REVIEW: NYC Basic Tips and Etiquette by Nathan W. Pyle

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201403251819 REVIEW: <em>NYC Basic Tips and Etiquette</em> by Nathan W. Pyle

NYC Basic Tips and Etiquette
Nathan W. Pyle
William Morrow/HarperCollins
$10, 144 pages
ISBN 978-0-06-230311-0

I kept expecting this book of cartoon tips to be funny and it wasn’t. Then I realized it wasn’t meant to be funny. It was meant to be what the title says: tips and etiquette, like how to order pizza and how not to hang on the subway pole (I admit I do that because I don’t like touching its mega-germy surface), avoiding garbage and similar pieces of wisdom. Most of these tips—like the smelly garbage one—would be germane in 50% of the places on earth, but there is the occasional nugget like the Horror Of The Empty Subway Car (usually involves two or more of the following: a bum, puke, piss, poo.)

empty train car REVIEW: <em>NYC Basic Tips and Etiquette</em> by Nathan W. Pyle

This book started as a webcomic by Pyle, a recent Ohio emigre who came to NYC to produce TV shows. The tips got socialed all around and a book deal followed. Pyle’s art falls into one of the Seven Kinds Of Weak Comics Art categories that I have identified over the years, namely “Thinks He’s Toth, But He’s Not”—relying completely on contrasty pages with stark white and black areas, without really having a great grasp of anatomy or architecture. The simplicity of the imagery does carry it through though, and people like diagrams.

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I have never used this particular TJs technique but might give it a shot.

Despite these flaws, this is a useful book if you have just arrived in New York or even if you needed a brush up on some of the basics. Now that NYC has been turned into a complete shopping mall/holiday for nouveau riche euro trash, Hedge funders, trustafarians and Tom Brady, it’s good to remember the olden days when street smarts—and not the Benjamins—were the key to survival.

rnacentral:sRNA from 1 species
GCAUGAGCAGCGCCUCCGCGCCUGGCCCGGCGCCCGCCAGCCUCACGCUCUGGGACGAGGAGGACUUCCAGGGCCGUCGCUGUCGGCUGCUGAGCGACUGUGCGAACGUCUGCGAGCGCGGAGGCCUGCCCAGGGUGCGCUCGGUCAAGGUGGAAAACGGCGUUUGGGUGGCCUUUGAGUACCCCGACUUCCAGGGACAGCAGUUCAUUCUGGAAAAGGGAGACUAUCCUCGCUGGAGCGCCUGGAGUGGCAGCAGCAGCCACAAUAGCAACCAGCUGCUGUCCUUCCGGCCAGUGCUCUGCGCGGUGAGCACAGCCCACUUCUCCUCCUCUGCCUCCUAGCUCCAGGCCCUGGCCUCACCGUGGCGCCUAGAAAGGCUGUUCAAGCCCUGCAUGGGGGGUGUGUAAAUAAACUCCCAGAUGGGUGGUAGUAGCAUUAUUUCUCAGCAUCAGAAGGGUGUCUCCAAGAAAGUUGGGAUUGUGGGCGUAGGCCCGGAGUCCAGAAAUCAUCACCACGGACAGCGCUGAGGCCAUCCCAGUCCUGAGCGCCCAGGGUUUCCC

I have never used this particular TJs technique but might give it a shot.

No website but there is a FB page.

Comments

  1. Nathan Pyle says:

    Thanks so much for taking a look! I appreciate the honest review! In my experience, the other Trader Joe’s locations in the city are less crowded, so I’ve never employed such strategy at the other locations. Oh, and you also might like the animated ebook (available through Apple retailers).

  2. See, this is why I don’t write reviews. Busted in minutes!

    I usually go to the Chelsea Trader Joe’s since its close to my office and is a veritable Versailles compared to Union Square’s limited space. Don’t ever try to buy wine at the wine shop on a Saturday afternoon though—Saturday night is wino night in the East Village.

  3. Torsten Adair says:

    Yes, the Trader Joe’s on Sixth Avenue is always easy to navigate (and great line management)! Even the one on the Upper West Side is decent, if on two floors. The first one, over on Fourteenth? Yeah, I’ve avoided it ever since that first day when I saw the entire store was one long line.

  4. Nathan Pyle says:

    Haha, Versailles indeed! And similarly, the Brooklyn Trader Joe’s could be Windsor Castle. And I agree re: The Wine Shop – Saturdays and the nights before storms draw quite a crowd. But then depending on my route, I’ll buy groceries at a nearby progression of Duane Reade / bodega / fruit stand.

  5. Am I the only one super-curious about what the “Seven Kinds Of Weak Comics Art”?

  6. Mike: That is a post for someday when I leave this community behind me.

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